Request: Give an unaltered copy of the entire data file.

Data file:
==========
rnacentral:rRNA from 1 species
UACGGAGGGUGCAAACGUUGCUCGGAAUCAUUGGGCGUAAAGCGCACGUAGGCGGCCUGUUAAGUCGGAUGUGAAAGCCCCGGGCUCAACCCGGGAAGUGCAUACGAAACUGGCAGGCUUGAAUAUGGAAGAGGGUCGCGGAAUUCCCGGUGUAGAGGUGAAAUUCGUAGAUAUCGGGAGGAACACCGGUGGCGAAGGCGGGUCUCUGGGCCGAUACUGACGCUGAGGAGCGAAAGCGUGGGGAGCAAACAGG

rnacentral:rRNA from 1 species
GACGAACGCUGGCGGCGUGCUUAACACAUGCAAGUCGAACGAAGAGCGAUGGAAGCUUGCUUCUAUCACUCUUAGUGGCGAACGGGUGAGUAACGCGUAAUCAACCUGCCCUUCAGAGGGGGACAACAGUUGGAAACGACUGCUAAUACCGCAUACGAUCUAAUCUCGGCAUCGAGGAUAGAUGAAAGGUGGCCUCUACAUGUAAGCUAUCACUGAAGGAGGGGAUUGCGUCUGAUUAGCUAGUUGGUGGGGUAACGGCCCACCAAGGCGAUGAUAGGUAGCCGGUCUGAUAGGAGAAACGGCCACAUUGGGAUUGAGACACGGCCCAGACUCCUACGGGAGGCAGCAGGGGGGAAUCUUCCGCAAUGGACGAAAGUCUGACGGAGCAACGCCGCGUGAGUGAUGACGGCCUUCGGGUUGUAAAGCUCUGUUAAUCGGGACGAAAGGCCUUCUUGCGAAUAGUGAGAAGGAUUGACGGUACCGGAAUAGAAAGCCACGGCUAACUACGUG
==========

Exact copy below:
rnacentral:rRNA from 1 species
UACGGAGGGUGCAAACGUUGCUCGGAAUCAUUGGGCGUAAAGCGCACGUAGGCGGCCUGUUAAGUCGGAUGUGAAAGCCCCGGGCUCAACCCGGGAAGUGCAUACGAAACUGGCAGGCUUGAAUAUGGAAGAGGGUCGCGGAAUUCCCGGUGUAGAGGUGAAAUUCGUAGAUAUCGGGAGGAACACCGGUGGCGAAGGCGGGUCUCUGGGCCGAUACUGACGCUGAGGAGCGAAAGCGUGGGGAGCAAACAGG

rnacentral:rRNA from 1 species
GACGAACGCUGGCGGCGUGCUUAACACAUGCAAGUCGAACGAAGAGCGAUGGAAGCUUGCUUCUAUCACUCUUAGUGGCGAACGGGUGAGUAACGCGUAAUCAACCUGCCCUUCAGAGGGGGACAACAGUUGGAAACGACUGCUAAUACCGCAUACGAUCUAAUCUCGGCAUCGAGGAUAGAUGAAAGGUGGCCUCUACAUGUAAGCUAUCACUGAAGGAGGGGAUUGCGUCUGAUUAGCUAGUUGGUGGGGUAACGGCCCACCAAGGCGAUGAUAGGUAGCCGGUCUGAUAGGAGAAACGGCCACAUUGGGAUUGAGACACGGCCCAGACUCCUACGGGAGGCAGCAGGGGGGAAUCUUCCGCAAUGGACGAAAGUCUGACGGAGCAACGCCGCGUGAGUGAUGACGGCCUUCGGGUUGUAAAGCUCUGUUAAUCGGGACGAAAGGCCUUCUUGCGAAUAGUGAGAAGGAUUGACGGUACCGGAAUAGAAAGCCACGGCUAACUACGUG